Australia's first heavyweight boxing champion, Lucas 'Big Daddy' Browne, says he is seeking legal advice following reports he tested positive to a banned substance.
ESPN reported Browne tested positive to clenbuterol in a test conducted by Las Vegas agency Voluntary Anti-Doping Association (VADA) before his WBA bout with Russia's Ruslan Chagaev in Chechnya.
The reports said Browne's A-sample tested positive, but no testing has been done on the B-sample because VADA is demanding Browne pay for the second test.
But Browne responded to the reports on Twitter, saying he was seeking legal advice.
A letter obtained by ESPN written by VADA president Dr Margaret Goodman to the organisers of the Browne-Chagaev fight read: "This letter is to advise you that the 'A' sample urine specimen number 2998060 collected from Lucas Browne ... has been analyzed for anabolic agents, diuretics, beta-2 agonists and stimulants.
"The results of the analysis are as follows: Adverse. Urine specimen contains Clenbuterol.
"Mr Browne has the right to promptly request analysis of the 'B' sample at his expense."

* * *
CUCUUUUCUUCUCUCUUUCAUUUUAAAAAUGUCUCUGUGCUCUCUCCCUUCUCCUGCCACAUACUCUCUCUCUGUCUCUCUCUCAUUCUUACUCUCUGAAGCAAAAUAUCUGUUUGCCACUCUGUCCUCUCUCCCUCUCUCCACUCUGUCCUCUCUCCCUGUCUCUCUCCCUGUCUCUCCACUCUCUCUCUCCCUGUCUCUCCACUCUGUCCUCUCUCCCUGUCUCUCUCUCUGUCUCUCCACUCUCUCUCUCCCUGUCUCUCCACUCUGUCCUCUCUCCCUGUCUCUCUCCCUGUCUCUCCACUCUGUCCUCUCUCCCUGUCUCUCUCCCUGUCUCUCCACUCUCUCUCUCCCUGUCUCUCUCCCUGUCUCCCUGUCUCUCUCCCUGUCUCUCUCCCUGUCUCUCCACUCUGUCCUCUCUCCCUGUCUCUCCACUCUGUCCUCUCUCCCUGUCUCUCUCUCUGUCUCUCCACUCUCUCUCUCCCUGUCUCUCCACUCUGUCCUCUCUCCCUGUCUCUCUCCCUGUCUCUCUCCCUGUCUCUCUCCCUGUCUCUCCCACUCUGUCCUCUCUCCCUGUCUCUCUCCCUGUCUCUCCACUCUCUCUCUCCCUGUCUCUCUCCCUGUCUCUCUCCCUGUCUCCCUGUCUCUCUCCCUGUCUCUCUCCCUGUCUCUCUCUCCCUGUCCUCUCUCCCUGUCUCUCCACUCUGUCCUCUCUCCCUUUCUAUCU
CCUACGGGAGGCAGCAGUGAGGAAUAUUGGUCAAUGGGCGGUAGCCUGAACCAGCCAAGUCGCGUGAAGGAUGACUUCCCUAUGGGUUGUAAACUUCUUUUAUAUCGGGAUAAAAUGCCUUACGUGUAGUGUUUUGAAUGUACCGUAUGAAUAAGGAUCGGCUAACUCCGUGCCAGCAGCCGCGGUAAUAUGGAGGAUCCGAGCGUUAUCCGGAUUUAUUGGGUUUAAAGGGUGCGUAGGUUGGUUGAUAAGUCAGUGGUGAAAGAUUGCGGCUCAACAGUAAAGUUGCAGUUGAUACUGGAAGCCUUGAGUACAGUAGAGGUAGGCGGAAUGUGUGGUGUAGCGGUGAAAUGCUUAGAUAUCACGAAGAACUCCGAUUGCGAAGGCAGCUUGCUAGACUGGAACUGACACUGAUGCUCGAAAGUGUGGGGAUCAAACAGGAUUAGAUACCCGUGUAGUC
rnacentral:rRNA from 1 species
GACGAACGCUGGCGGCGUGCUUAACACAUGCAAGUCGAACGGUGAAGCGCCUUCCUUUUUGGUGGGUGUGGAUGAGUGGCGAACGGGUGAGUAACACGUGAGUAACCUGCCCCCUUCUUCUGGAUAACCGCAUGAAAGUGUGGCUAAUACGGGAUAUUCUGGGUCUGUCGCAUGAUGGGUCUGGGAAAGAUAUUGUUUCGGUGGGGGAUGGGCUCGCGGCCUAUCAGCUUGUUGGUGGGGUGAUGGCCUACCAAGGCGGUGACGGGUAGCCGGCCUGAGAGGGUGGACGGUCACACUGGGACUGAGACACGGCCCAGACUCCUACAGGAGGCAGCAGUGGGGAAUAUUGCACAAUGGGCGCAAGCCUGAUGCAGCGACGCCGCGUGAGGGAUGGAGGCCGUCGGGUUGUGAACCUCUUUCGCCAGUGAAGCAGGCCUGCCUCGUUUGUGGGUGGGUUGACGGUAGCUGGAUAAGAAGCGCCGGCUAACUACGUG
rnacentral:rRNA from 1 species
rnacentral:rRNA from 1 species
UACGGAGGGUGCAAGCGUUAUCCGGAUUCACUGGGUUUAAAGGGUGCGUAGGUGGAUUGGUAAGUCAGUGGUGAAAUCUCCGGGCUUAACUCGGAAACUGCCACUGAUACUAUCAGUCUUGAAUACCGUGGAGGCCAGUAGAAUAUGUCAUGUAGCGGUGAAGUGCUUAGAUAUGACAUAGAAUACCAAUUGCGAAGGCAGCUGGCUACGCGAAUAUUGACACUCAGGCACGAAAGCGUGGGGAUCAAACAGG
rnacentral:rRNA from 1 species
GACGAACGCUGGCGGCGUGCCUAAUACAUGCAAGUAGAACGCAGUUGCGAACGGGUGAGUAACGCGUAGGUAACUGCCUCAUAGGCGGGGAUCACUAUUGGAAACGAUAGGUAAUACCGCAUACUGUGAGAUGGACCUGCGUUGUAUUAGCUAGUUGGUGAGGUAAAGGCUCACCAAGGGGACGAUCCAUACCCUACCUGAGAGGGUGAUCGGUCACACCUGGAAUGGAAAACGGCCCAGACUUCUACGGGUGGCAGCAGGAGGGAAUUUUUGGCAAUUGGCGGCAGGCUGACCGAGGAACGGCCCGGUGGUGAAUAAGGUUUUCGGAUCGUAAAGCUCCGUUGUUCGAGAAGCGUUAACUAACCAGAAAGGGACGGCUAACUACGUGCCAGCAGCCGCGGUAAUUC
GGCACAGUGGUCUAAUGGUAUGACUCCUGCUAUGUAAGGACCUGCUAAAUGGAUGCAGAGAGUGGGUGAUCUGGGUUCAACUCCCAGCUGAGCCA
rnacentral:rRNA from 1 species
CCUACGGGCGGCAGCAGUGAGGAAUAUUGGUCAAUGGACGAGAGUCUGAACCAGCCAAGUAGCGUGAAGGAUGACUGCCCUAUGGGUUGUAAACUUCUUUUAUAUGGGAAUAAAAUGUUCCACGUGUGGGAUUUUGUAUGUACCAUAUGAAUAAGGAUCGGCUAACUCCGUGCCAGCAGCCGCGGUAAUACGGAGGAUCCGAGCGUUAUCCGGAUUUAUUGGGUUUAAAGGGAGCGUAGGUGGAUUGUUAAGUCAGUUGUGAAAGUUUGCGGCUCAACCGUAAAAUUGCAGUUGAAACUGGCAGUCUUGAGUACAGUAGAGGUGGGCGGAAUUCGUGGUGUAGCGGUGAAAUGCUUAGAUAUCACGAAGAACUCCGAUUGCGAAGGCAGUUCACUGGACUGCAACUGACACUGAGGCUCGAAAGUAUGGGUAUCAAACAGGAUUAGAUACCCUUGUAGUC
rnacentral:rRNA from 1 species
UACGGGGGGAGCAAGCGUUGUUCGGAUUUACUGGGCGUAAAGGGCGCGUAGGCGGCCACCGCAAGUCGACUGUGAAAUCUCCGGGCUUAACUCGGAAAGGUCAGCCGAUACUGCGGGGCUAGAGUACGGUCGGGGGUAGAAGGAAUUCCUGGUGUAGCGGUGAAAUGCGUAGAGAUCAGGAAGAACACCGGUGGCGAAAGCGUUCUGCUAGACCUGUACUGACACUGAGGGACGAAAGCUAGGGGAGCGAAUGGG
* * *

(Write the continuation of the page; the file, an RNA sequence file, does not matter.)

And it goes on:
Clenbuterol is used as a metabolism booster to help burn fat.
Browne, who had to dig deep to overcome a disastrous sixth round and wobbly start against Chagaev, improved his record to 24-0 (21 KOs), while Chagaev dropped to 34-3-1, 21 KOs.
It meant Browne won the so-called regular version of the WBA belt, while Britain's Tyson Fury is considered the WBA's "unified" champion, since he also holds the WBO version.
Browne's title promised much with the prospect of potential mega-fights against Fury and David Haye now very much in doubt.
New Zealander Joseph Parker is ranked the number one contender by the WBO, number five by the WBC, number six by the IBF and number 11 by the WBA.
Duco Events, the promoters of Parker, said, "we don't want to see any drugs in boxing. We will wait for the results of the B sample to come in before making any further comment."
-ABC and RNZ